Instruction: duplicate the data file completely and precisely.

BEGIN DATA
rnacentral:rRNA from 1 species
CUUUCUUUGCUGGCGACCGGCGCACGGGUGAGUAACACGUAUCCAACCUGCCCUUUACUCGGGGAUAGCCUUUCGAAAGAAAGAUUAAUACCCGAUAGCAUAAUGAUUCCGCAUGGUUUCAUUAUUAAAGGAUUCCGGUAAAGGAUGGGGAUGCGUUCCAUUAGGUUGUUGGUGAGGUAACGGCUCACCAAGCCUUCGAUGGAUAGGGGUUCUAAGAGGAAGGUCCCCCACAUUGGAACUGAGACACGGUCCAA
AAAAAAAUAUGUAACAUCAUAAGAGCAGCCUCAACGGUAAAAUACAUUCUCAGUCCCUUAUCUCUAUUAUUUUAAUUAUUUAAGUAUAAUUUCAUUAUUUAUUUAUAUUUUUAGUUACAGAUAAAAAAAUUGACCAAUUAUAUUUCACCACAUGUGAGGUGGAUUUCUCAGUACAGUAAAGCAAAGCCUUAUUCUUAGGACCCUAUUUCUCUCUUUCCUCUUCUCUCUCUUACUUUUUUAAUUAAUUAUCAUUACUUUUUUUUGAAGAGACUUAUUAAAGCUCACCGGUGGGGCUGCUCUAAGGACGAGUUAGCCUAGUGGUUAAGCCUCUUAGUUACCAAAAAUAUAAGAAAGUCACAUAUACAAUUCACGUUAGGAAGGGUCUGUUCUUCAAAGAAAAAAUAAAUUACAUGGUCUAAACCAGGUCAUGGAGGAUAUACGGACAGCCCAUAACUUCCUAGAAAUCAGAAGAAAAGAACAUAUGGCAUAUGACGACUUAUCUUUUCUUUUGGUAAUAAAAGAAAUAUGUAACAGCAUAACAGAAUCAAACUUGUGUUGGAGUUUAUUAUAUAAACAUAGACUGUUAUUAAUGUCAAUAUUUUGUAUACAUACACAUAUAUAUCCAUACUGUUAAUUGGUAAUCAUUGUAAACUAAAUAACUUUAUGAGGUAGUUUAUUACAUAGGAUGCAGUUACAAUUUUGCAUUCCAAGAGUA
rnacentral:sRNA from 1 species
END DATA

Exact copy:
rnacentral:rRNA from 1 species
CUUUCUUUGCUGGCGACCGGCGCACGGGUGAGUAACACGUAUCCAACCUGCCCUUUACUCGGGGAUAGCCUUUCGAAAGAAAGAUUAAUACCCGAUAGCAUAAUGAUUCCGCAUGGUUUCAUUAUUAAAGGAUUCCGGUAAAGGAUGGGGAUGCGUUCCAUUAGGUUGUUGGUGAGGUAACGGCUCACCAAGCCUUCGAUGGAUAGGGGUUCUAAGAGGAAGGUCCCCCACAUUGGAACUGAGACACGGUCCAA
AAAAAAAUAUGUAACAUCAUAAGAGCAGCCUCAACGGUAAAAUACAUUCUCAGUCCCUUAUCUCUAUUAUUUUAAUUAUUUAAGUAUAAUUUCAUUAUUUAUUUAUAUUUUUAGUUACAGAUAAAAAAAUUGACCAAUUAUAUUUCACCACAUGUGAGGUGGAUUUCUCAGUACAGUAAAGCAAAGCCUUAUUCUUAGGACCCUAUUUCUCUCUUUCCUCUUCUCUCUCUUACUUUUUUAAUUAAUUAUCAUUACUUUUUUUUGAAGAGACUUAUUAAAGCUCACCGGUGGGGCUGCUCUAAGGACGAGUUAGCCUAGUGGUUAAGCCUCUUAGUUACCAAAAAUAUAAGAAAGUCACAUAUACAAUUCACGUUAGGAAGGGUCUGUUCUUCAAAGAAAAAAUAAAUUACAUGGUCUAAACCAGGUCAUGGAGGAUAUACGGACAGCCCAUAACUUCCUAGAAAUCAGAAGAAAAGAACAUAUGGCAUAUGACGACUUAUCUUUUCUUUUGGUAAUAAAAGAAAUAUGUAACAGCAUAACAGAAUCAAACUUGUGUUGGAGUUUAUUAUAUAAACAUAGACUGUUAUUAAUGUCAAUAUUUUGUAUACAUACACAUAUAUAUCCAUACUGUUAAUUGGUAAUCAUUGUAAACUAAAUAACUUUAUGAGGUAGUUUAUUACAUAGGAUGCAGUUACAAUUUUGCAUUCCAAGAGUA
rnacentral:sRNA from 1 species